The old-fashioned barbershop, it seems, is becoming a thing of the past, unable to compete with chains like Supercuts. Fading into memory are the twirling red-and-white pole and big leather chairs, the clouds of talc powder and the smell of Vitalis and Aqua Velva. It’s a fate that the Nobel prize-winning Chilean poet Pablo Neruda perhaps envisioned when, in 1948, he wrote, “The smell of barbershops makes me break out sobbing.”  Or maybe he’d been molested by a barber.

Many will miss the barber’s chitchat, the homespun wisdom and discourses on sports and politics that come with an eight-dollar haircut. But this is where I part with my fellow mourners. Barbershop banter never did anything for me. In fact, I always found the ranting and haranguing a big turnoff. True, one person’s bigotry and ignorance may be another person’s wit and wisdom, but after decades of sitting in barbers’ chairs I cannot recall hearing a single bona fide bon mot while getting a haircut. Poorly delivered jokes about a man from Nantucket, yes.

But at least I never had a barber who yapped about religion. A couple years ago I read about a barber in Texas who witnesses to all his clients. His shop window features Scripture verses in 18-inch-high letters, yet this does not turn away everyone but evangelical Christians because he undercharges for haircuts—only six dollars a chop. "I set it at that price so people will come in and I can share Jesus Christ with them," the guy told the Baptist Standard. "If they sit in my chair, they are going to hear about Jesus."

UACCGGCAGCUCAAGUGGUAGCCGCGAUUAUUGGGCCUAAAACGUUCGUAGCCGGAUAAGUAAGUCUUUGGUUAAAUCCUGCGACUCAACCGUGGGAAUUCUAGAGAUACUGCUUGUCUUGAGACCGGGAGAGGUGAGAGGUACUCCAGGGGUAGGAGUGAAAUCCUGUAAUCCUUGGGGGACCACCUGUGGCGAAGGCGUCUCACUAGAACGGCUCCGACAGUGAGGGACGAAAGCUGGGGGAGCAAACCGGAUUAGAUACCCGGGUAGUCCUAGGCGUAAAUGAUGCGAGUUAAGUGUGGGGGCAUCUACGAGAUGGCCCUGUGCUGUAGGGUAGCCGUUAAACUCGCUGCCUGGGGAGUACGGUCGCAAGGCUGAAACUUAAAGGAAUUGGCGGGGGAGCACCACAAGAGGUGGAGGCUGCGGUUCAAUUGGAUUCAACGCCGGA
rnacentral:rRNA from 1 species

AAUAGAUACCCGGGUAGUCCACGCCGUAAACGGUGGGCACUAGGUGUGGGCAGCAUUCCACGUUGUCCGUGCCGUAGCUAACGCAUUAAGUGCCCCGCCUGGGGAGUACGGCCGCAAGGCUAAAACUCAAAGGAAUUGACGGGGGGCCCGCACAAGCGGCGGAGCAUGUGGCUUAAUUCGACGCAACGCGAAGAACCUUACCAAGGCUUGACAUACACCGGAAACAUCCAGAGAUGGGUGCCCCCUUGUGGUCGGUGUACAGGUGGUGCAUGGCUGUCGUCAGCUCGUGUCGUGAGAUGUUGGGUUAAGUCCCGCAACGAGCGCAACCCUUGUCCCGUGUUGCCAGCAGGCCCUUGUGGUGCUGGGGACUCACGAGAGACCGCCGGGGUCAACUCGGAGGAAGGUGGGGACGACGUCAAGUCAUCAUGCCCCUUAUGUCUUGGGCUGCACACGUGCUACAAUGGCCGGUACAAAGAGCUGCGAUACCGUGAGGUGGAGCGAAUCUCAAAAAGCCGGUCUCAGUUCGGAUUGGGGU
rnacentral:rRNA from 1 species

He also admitted, however, that not all customers take kindly to his sermonizing. One guy walked out of his shop saying that he “came for a haircut, not a discussion of religion.”

"I told him I didn't want to talk about religion either; I wanted to tell him about Jesus," the born-again barber told the paper.

SoMA contributor Jason Byassee recently got an earful about God from his barber. But Jason, perhaps because he’d also recently defended a dissertation on religion at Duke, and can thus hold his own in a gloves-off theological slugfest, decided to give his barber an earful back, rather than walk out. To read his blow-by-blow report, click here. 

Posted By John D. Spalding | Email

October 14, 2005

Cell-Phone Spirituality

Is instant communication making us more connected, or less, actually hindering human interaction? Don’t ask me. I have a cell phone but rarely use it, much to the frustration of my wife. It took her years to convince me to bring my phone with me when I leave the house. And it will take her several more years to convince me to turn it on, and by then either I’ll have lost my phone, or we’ll all have communications chips embedded in our heads and it won’t matter.

But if pressed, I’d say cell phones bring us closer together, often much closer than we’d like to be. Let me tell you a little story.

For years I commuted to New York City from the Connecticut 'burbs on the Metro-North train. Day after day I saw the same faces, but we never spoke. It’s almost a rule: Do whatever you want on the train—finish some paper work, take a nap, eat a bucket of wings—just don’t ever chat up the person sitting next to you. Throwing up on them would be a lesser social offense.